Yet animals, plants, trees, fish, coral reefs, other sea wildlife and plankton, birds, insects, amphibians, reptiles, and invisible microbes – are in trouble. This is bad news because we are nothing without these forms of life. They give us the oxygen we breathe, the water we drink, and the food we eat. And yet we keep hunting, eating, shooting, cutting down, starving, and poisoning our natural benefactors. In addition, animals, trees, and other wildlife have no less rights for life than humans do. In fact, they are seniors to humans, having been on Earth much longer than us. Some of them, like Sequoias live for hundreds and thousands of years.

Natural Parthenons

I remember a tree near Humboldt State University in northern California that was 2,500 years old in the late 1980s when I was teaching at the university. Imagine this tree was growing up while the Athenians were building the Parthenon. Those ancient trees are America’s Parthenon.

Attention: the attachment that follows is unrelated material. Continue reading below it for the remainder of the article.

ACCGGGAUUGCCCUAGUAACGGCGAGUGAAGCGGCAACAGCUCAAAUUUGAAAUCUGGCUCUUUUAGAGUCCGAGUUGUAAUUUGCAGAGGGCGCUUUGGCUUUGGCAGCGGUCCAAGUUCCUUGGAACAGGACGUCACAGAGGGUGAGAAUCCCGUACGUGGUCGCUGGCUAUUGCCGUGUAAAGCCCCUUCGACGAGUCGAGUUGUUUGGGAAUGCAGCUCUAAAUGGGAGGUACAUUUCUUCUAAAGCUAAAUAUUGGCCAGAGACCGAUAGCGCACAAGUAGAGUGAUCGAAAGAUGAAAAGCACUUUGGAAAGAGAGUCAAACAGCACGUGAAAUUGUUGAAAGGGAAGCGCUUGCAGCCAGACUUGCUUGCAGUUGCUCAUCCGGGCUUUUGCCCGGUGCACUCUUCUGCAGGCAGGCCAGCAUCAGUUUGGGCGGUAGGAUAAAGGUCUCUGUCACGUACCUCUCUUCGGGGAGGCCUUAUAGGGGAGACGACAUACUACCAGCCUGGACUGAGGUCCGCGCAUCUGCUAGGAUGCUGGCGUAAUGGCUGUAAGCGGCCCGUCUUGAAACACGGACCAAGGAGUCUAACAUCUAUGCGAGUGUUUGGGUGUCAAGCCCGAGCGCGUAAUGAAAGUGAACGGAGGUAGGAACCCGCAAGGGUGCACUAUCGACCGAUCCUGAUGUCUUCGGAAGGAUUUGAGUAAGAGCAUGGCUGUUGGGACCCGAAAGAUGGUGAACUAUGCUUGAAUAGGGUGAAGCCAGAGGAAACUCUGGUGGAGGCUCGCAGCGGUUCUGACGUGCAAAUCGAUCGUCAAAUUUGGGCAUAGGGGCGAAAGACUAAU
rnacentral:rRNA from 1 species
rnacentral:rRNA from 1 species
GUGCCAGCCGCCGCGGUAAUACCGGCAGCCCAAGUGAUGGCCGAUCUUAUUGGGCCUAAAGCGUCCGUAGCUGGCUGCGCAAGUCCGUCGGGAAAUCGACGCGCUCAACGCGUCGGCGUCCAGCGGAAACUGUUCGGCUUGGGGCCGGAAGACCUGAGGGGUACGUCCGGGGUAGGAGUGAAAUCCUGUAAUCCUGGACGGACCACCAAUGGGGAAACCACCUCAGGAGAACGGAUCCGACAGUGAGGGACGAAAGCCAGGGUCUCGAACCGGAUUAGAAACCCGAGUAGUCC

There are philosophical reasons why humans cannot live without a variety of healthy animals and plants, what we call biological diversity and ecosystems. The non-human or natural world of rivers, mountains, lakes, valleys, seas, and oceans is beautiful in color, architecture, and appearance and atmosphere because of the variety of species (of plants and animals) it supports. That beauty is essential for human sanity and health and the enjoyment of life. Nature has always been the nursery and school for humans.

Ancient people like the Greeks and the Egyptians were well aware of their place in the natural world, which included the starry skies. They worshipped the Earth and the heavens, which they populated with gods.

Filling nature with gods